Review: Giant Days #23

giantdayscover“Adulting” is the theme of Giant Days #23 as Esther is between jobs and feeling a bit bored so she invites her entire circle of friends and acquaintances to a kind of fancy dinner party. Writer John Allison continues to juggle a cast of about a half-dozen characters and plotline ably cutting to a new scene just when thing seem to be slightly less exciting. Some of the secondary characters like Ed’s semi-disgusting, programming major flatmate Dean and Daisy’s girlfriend Ingrid have their own shining moments through boldly honest toasts and debates about superhero battles, which end up playing a big role in resolving a long-running subplot. And artists Max Sarin and Liz Fleming with colorist Whitney Cogar mine a tragic vein humor through the crazy gestures and sick state of Susan, who is suffering from a cough as well as struggling to see her ex-boyfriend McGraw with his new, Spanish guitar playing girlfriend Emilia.

Giant Days is ostensibly about everyday life as a university student in Sheffield, England, and the hijinks that follow. However, the comic has a bit of a surreal side and could definitely be the third in a sort of trilogy of bonkers flatmate British comedies, like The Young Ones and Spaced. Sarin and Fleming do some fun cutaway gags in Giant Days #23, like Susan turning into a being of light blue flame after a long complaining session about her cough preventing her from practicing to get her scooter license. There is also the world’s most complicated Venn diagram when Daisy and Esther try to work around Ed’s dietary restrictions while planning the party.

But Giant Days‘ surrealism really pops up in its settings, like Cogar’s ghostly green color giantdays23interiorthat she uses for Ed, McGraw, and Dean’s flat after Dean had an all night coding session. You can definitely smell the sweet aroma of nerd sweat, leftover pizza, and half-drunken energy drinks and beers through that color choice. It’s the complete opposite of Emilia’s well ordered, stocked with pesto and angsty poet’s apartment that Sarin gives us a glimpse of in a neat nine-panel grid. As usual, McGraw is the crux between chaos and order as well as being in the awkward position of being Susan’s ex while still being close to most of her friends’ group. But he doesn’t get stuck playing peacemaker, and Allison and Sarin give him a beautiful romantic moment of kissing Emilia by the Guy Fawkes Day bonfire where she calls him by his real name “Graham”. (Maybe one day he’ll grow up to be the guitarist for Blur or a fun chat show host.) The yellow flames from Cogar makes the scene even more touching.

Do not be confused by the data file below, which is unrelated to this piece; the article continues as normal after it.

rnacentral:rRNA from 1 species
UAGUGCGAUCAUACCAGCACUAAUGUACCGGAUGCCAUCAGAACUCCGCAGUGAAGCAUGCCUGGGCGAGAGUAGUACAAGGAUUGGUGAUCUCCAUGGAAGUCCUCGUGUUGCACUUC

Giant Days #23 gives two of its three leads a release from tension. Daisy is starting to grow closer to Ingrid and starting to meld her introversion with Ingrid’s energy as they work on a jigsaw puzzle instead of going clubbing all night. Esther has employment again plus a slight sense of satisfaction that she pulled off a dinner party with not a whole lot of drama while wearing an adorable skull apron. But life is still very difficult for Susan thanks to the two-pronged assault of sickness and seeing her ex-smooch in front of her, and Allison goes full sadist at the end by making her storyline part of the issue’s cliffhanger.

The dinner party is a time-honored sitcom setting to have different sets of characters bounce off each other and also create change, but John Allison, Max Sarin, Liz Fleming, and Whitney Cogar put a bit of a Giant Days twist in it with plenty of awkwardness and over the top jokes. Giant Days #23 is worth picking up for the interactions between Ingrid and Dean alone, which are truly “avant-garde cabaret” and for finding out the amazing reason why the cops get called on it.

Story: John Allison Pencils: Max Sarin Inks: Liz Fleming Colors: Whitney Cogar
Story: 8.5 Art: 8.5 Overall: 8.5  Recommendation: Buy

BOOM! Studios provided Graphic Policy with a FREE copy for review